Post by Steven Cutliff, freshman international business major
My name is Steven Cutliff, and I’m a new SACling. By that I mean I’m a first year member of the Student Activities Council. As a SAC member, I got the chance to work the Casey Jones Hullabaloo event earlier this month, and I had so much fun! I believe there is a major difference between what it feels like to attend an event and to be a part of making the event happen. Instead of enjoying an event for the sake of simply having fun, we get to find ways to make our event the most enjoyable for everyone involved.
I’ve heard things described as a person’s “baby” before, and I always thought it was a strange phrase. Now I get it. Hullabaloo was a lot of work, but it was pretty awesome to see a small idea turn into an event the whole student body had the chance to enjoy. Hullabaloo was my baby, and it was amazing to see what it grew into. When the event first started, I was worried that no one would come. All of us SAC members were good to go, with our flannel shirts and work assignments, but there weren’t very many people. I started to panic. I was in charge of the hot chocolate, and though I had rows of steaming cups lined up, people were still trickling in. It turns out it was just the calm before the storm. Soon there were people everywhere I looked! It became a struggle to keep up with the huge demand for hot chocolate. On two separate occasions my job was to inform people that we were completely out and waiting for the staff from The Old Country Store, which is part of Casey Jones Village, to bring us more.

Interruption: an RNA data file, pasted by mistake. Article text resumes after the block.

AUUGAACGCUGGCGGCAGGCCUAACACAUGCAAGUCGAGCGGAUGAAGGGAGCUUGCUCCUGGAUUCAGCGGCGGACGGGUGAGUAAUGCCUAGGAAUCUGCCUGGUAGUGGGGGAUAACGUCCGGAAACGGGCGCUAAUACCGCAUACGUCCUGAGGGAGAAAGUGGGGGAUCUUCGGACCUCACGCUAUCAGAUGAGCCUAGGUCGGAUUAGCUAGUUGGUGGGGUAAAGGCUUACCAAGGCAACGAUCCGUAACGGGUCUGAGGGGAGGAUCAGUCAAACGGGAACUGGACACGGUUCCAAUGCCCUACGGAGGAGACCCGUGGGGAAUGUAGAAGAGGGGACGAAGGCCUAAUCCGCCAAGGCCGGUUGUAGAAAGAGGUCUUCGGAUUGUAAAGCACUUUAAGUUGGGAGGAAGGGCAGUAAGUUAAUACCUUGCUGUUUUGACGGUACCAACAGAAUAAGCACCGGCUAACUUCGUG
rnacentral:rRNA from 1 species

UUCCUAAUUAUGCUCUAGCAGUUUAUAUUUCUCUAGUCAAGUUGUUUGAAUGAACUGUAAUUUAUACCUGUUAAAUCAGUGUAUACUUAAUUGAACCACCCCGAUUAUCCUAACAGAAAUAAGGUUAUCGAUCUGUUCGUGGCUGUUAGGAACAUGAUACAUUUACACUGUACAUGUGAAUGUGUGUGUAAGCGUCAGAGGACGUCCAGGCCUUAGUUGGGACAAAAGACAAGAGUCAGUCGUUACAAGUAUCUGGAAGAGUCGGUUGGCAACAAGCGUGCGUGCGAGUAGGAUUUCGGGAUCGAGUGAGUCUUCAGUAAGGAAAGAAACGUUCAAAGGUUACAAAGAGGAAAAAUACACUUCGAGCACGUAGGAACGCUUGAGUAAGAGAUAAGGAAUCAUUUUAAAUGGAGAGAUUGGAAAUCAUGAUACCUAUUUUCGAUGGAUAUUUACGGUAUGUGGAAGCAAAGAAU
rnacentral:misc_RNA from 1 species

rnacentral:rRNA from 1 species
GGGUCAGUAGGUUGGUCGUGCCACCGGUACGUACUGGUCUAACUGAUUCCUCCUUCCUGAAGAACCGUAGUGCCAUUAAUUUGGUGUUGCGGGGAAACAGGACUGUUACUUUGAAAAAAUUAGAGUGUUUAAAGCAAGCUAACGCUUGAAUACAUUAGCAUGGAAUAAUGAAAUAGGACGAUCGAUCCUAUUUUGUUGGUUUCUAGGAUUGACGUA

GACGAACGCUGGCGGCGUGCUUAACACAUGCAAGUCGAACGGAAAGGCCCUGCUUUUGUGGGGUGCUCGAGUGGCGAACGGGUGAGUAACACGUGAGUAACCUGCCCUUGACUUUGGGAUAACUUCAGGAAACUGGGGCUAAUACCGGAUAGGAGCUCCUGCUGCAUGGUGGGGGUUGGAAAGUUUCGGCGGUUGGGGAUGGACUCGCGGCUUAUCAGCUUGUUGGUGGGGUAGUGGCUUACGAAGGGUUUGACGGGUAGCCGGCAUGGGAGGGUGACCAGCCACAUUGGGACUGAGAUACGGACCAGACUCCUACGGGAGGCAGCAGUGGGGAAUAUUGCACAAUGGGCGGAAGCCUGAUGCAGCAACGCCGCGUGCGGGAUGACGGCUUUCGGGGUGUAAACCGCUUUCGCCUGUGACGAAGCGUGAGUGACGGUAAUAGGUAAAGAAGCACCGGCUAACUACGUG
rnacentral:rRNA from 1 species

Before the event started, all of the SAC members were admonished to step back, at least once, and just enjoy the night. We were told that if we focused only on what needed to happen we would miss the great things that were going on. I’m so glad I was given that advice. When I did get the chance to take a good look, I saw smiling friends laughing and enjoying tasty treats by the fires, I heard beautiful music being played for a crowd that was enthusiastic in showing its appreciation for the musicians’ efforts, and I felt the crisp air in my lungs. It was great. There was something for everyone. There was even a small bit of mosh pit action towards the end for those who were into that sort of thing (I participated eagerly). It was so fulfilling to know that I had been a part of making this happen. I feel like I got to know each person there just a little bit. If you were at the event, I just want to say “thank you” for making it so wonderful.
Photos below by Morris Abernathy, staff photographer